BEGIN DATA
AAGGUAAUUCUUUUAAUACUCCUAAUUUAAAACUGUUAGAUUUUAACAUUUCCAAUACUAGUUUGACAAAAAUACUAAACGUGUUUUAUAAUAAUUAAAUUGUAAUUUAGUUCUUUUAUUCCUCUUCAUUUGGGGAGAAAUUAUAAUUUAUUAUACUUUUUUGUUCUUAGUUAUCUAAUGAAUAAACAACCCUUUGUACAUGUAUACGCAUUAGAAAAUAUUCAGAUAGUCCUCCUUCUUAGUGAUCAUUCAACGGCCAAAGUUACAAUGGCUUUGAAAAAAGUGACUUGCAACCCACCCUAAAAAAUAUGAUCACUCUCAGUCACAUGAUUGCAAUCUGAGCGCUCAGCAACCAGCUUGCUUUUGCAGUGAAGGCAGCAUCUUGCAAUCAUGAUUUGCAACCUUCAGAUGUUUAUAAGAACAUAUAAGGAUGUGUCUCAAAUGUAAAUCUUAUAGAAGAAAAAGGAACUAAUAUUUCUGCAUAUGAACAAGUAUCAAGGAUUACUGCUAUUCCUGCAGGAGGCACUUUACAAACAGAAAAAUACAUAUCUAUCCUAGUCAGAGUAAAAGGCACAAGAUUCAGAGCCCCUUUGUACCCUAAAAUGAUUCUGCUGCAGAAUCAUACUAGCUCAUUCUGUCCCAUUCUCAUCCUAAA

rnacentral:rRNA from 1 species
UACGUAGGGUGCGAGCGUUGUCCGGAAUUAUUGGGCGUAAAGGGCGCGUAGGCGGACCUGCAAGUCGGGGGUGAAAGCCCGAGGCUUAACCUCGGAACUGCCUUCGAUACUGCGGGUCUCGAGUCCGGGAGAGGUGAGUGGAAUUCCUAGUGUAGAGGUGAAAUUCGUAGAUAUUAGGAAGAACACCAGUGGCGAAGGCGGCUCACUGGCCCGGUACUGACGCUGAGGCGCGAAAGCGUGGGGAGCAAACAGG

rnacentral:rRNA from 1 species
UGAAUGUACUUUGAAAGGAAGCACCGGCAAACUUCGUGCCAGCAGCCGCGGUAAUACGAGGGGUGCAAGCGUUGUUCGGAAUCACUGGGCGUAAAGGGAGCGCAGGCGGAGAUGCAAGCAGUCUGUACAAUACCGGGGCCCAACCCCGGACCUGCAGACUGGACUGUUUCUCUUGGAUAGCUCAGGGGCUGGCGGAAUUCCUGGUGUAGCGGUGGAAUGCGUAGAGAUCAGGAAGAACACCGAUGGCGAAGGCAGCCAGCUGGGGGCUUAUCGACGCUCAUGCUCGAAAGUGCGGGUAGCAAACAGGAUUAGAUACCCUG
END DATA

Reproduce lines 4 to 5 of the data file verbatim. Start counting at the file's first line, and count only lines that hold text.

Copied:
rnacentral:rRNA from 1 species
UGAAUGUACUUUGAAAGGAAGCACCGGCAAACUUCGUGCCAGCAGCCGCGGUAAUACGAGGGGUGCAAGCGUUGUUCGGAAUCACUGGGCGUAAAGGGAGCGCAGGCGGAGAUGCAAGCAGUCUGUACAAUACCGGGGCCCAACCCCGGACCUGCAGACUGGACUGUUUCUCUUGGAUAGCUCAGGGGCUGGCGGAAUUCCUGGUGUAGCGGUGGAAUGCGUAGAGAUCAGGAAGAACACCGAUGGCGAAGGCAGCCAGCUGGGGGCUUAUCGACGCUCAUGCUCGAAAGUGCGGGUAGCAAACAGGAUUAGAUACCCUG